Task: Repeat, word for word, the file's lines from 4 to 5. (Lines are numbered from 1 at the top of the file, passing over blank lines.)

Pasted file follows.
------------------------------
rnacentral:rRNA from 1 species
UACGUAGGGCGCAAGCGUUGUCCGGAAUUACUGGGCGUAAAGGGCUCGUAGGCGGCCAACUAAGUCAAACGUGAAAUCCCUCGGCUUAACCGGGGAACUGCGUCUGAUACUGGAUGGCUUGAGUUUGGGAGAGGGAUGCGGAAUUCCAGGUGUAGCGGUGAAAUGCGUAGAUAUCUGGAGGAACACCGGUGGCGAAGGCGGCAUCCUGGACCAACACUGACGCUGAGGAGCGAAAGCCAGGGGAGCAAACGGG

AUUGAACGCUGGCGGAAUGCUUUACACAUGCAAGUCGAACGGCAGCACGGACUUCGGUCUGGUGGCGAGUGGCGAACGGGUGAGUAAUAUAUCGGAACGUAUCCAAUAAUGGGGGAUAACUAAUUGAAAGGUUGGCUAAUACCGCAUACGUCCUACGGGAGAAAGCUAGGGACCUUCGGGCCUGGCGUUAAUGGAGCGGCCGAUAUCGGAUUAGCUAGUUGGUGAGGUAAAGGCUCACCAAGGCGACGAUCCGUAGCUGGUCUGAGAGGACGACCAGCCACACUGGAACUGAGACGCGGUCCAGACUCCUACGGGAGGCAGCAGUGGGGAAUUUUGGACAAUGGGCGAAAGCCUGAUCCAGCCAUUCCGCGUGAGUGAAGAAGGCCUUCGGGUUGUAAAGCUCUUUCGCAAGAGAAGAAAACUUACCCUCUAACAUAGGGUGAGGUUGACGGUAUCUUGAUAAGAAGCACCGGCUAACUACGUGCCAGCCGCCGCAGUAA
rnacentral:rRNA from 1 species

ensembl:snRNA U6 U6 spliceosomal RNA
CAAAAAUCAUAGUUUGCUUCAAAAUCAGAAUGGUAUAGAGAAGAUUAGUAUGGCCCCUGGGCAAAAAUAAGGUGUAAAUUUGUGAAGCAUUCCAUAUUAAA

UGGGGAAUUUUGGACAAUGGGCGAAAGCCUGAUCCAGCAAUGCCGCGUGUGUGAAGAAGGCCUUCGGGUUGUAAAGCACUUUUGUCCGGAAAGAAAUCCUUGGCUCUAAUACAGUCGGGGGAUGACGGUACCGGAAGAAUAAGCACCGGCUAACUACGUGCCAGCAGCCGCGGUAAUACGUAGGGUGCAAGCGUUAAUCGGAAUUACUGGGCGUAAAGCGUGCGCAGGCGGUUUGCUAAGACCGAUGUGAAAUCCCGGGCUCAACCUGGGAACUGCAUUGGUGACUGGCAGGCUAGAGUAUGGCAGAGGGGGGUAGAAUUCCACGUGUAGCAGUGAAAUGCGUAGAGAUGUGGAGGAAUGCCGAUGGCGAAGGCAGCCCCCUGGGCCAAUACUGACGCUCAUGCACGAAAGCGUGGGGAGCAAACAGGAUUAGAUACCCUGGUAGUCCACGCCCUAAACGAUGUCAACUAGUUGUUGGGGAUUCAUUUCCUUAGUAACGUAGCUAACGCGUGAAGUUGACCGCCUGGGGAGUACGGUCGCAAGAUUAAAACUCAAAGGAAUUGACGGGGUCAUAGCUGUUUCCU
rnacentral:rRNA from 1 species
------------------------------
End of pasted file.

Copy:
rnacentral:rRNA from 1 species

ensembl:snRNA U6 U6 spliceosomal RNA